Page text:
In 1940, British Pathé issued a newsreel titled “Do You Carry Your Gas Mask?” In it, an unidentified employee from the Ministry of Home Security gently, in clipped tones, lectures an audience on the importance of carrying, and wearing, gas masks. “Some of us have been inclined to forget about our gas masks,” he chides, while jaunty music plays in the background. “You all have a gas mask, and you ought to carry it in order to practice wearing it.”
The vast majority of people watching this newsreel in Britain at the time would have had a gas mask. In 1938, before war had begun in Europe, the British government issued 35 million “General Civilian Respirators.” It had been 20 years since the end of World War I, when chlorine gas—and, later, mustard gas—had first been used. The estimates of total casualties from this form of chemical warfare are staggering: 88,000 dead and 1,200,000 injured. With war once again on the horizon, Britain and continental Europe began taking early precautions.
People were instructed not only to carry their gas masks, but also to practice wearing them. “Put it on for 10–15 minutes, one day a week,” says the British Pathé announcer. “It may be a little irksome at first, but you’ll soon get used to it.” The film then cuts to a room of typists. The clattering of keys stops, as each one unboxes her gas mask and, chin first, pulls it over her face.
The fear of potential gas attacks wasn’t limited to Britain. In Germany, France, and Italy, masks were available, if not as widely distributed. In the Soviet Union—which had suffered the majority of gas-related casualties in the previous war—no more than 10 percent of the population had one.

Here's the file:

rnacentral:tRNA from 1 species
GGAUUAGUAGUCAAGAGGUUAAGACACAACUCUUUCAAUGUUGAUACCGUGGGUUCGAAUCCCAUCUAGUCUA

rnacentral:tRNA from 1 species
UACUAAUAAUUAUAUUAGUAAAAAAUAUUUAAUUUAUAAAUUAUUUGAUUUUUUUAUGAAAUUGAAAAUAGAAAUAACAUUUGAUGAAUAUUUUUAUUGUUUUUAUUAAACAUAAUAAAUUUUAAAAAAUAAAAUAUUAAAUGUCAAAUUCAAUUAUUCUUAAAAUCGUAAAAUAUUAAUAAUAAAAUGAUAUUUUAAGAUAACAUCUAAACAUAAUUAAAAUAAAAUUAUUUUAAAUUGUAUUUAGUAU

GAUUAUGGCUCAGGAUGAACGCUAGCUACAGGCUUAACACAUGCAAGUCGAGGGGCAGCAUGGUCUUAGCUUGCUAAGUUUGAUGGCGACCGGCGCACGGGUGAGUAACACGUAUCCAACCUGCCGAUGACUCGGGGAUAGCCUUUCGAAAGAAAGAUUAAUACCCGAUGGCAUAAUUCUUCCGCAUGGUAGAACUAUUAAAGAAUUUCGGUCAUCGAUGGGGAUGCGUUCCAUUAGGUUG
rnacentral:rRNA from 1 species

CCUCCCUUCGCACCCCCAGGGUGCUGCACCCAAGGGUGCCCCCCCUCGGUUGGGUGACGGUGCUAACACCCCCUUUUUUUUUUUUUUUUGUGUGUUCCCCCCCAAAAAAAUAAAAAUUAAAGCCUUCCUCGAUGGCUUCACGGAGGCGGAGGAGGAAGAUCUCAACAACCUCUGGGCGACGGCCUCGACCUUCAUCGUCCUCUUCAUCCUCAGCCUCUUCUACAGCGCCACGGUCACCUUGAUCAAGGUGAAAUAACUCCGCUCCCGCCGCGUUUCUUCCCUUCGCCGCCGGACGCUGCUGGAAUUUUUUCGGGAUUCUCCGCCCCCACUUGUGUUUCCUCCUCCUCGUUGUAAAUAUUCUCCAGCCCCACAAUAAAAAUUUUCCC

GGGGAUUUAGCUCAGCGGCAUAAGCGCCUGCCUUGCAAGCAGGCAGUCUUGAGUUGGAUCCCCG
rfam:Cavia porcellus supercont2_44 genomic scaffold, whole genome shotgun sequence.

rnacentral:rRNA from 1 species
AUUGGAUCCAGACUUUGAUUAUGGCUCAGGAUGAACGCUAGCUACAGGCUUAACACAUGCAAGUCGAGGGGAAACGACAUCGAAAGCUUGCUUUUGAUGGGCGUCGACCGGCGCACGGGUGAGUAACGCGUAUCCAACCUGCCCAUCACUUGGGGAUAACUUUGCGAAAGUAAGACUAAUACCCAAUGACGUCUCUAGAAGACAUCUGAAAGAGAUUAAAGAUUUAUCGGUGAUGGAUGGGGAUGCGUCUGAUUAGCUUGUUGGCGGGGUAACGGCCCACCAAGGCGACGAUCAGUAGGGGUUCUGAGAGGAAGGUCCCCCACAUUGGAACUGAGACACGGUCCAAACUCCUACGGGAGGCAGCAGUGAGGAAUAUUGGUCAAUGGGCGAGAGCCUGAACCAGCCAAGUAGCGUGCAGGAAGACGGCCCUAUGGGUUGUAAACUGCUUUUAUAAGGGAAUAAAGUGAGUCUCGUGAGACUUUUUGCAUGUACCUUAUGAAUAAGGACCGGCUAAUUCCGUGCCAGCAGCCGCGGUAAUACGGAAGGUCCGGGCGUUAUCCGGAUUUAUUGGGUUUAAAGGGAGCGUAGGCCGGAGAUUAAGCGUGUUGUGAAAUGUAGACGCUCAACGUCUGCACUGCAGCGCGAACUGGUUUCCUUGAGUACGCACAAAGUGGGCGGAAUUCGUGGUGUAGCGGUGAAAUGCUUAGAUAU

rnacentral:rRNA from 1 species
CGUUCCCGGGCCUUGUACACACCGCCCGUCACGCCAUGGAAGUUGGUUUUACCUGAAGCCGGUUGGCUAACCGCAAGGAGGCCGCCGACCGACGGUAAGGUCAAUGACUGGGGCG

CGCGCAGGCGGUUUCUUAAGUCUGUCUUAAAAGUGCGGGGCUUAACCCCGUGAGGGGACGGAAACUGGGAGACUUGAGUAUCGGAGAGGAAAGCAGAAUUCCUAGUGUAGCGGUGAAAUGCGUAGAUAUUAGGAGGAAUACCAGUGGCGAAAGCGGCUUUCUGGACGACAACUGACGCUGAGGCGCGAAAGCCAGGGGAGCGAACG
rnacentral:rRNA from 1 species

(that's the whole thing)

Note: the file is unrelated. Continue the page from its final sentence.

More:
The extent to which gas masks were promoted as an essential part of everyday life is evident in an extraordinary collection of images from the Burns Archive. In one photo, a ballerina dons a gas mask in front of a mirror. In another, surgeons at Moscow’s Botkin Hospital operate in gas masks. A third shows London switchboard operators working in gas masks; the original caption states that the operators “are being trained to use special gas masks so they can remain at their posts in an emergency—even if their switch room is full of gas. The masks are fitted with microphones and earphones so that operators can hear and speak to callers.”
These photographs will join more than 250 others in the new book, Masked Fear: The Psychology of Gas Warfare 1918–1941, which is currently the subject of a Kickstarter campaign. According to Stanley B. Burns, the New York ophthalmologist who amassed the collection, governments created programs, movies, and photographs “to increase citizens’ comfort using their masks at home, at work, and at play. The photographs are haunting documents of ordinary people, including children, learning to live their lives wearing these odd contraptions.”
The Kickstarter campaign runs through November 28, 2017. Atlas Obscura has a selection of images from the collection.
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